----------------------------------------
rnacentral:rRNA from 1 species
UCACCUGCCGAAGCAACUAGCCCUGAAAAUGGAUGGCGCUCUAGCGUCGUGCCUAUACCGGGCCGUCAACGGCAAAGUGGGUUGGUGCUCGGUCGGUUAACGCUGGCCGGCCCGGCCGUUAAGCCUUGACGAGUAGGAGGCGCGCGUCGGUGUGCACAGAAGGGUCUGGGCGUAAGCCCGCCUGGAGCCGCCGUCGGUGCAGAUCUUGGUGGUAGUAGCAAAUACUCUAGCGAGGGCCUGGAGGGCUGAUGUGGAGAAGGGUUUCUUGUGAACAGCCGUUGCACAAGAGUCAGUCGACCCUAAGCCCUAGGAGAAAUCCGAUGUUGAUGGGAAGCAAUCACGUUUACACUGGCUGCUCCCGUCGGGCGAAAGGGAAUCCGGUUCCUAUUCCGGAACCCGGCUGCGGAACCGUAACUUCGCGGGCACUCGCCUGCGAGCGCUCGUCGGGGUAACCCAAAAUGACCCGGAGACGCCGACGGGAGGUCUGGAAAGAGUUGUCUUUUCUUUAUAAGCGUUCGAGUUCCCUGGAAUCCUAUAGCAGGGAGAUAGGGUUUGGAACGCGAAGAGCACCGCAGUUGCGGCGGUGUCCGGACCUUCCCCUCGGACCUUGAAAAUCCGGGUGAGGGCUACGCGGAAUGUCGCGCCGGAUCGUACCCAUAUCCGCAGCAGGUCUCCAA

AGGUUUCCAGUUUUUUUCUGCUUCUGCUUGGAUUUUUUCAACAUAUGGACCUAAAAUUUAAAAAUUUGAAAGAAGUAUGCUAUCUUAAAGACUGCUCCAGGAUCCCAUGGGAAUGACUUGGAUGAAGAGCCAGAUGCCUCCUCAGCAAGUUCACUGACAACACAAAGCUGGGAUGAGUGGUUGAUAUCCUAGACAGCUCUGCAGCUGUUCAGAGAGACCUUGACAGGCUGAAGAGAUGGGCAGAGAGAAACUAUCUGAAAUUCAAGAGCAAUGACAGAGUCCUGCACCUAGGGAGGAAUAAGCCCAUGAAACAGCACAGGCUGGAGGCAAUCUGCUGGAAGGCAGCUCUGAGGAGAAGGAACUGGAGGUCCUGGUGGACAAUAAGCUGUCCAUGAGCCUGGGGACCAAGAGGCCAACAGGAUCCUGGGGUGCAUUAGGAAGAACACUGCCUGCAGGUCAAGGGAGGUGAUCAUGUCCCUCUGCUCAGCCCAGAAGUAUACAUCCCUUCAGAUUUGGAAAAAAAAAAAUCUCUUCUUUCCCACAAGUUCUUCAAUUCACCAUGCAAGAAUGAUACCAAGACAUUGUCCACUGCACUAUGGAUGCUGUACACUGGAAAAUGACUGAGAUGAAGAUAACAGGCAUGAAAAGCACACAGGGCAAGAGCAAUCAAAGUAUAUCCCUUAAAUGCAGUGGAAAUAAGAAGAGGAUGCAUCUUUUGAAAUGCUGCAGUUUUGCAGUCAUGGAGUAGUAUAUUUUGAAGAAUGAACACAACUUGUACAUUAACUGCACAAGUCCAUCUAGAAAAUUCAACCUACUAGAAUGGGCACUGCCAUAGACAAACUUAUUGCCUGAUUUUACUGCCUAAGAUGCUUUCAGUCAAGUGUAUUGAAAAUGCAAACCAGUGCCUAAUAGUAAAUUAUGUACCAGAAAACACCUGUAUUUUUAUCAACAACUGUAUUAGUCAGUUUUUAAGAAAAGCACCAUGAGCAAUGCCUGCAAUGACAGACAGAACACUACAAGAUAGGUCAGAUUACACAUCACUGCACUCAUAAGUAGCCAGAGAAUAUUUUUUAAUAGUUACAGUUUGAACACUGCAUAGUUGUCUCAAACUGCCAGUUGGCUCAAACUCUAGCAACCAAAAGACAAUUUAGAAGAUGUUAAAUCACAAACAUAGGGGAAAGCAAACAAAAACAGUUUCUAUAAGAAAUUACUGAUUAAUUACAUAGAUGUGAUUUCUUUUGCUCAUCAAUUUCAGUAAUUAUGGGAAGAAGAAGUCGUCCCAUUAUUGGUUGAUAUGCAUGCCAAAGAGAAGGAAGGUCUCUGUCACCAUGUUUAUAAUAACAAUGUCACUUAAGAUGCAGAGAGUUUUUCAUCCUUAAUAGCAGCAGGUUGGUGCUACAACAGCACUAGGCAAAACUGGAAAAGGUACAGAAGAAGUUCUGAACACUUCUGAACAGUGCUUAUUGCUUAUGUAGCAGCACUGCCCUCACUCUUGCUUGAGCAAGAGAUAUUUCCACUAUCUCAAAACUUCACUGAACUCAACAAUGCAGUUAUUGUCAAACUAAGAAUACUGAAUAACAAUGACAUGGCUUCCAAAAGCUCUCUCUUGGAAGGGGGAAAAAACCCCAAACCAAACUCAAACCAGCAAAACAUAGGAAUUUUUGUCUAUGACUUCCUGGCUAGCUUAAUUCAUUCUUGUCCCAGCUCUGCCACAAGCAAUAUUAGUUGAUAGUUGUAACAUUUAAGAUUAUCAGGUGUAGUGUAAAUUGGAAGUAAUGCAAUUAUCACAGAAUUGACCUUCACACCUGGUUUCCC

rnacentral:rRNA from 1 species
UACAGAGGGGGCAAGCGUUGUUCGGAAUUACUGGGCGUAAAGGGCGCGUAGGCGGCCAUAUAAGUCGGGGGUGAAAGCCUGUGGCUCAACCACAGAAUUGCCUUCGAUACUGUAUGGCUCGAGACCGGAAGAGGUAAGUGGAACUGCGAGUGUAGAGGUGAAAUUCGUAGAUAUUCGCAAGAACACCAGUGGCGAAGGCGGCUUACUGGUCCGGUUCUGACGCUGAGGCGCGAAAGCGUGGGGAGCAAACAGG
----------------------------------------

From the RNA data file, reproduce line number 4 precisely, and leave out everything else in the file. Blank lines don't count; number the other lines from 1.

rnacentral:rRNA from 1 species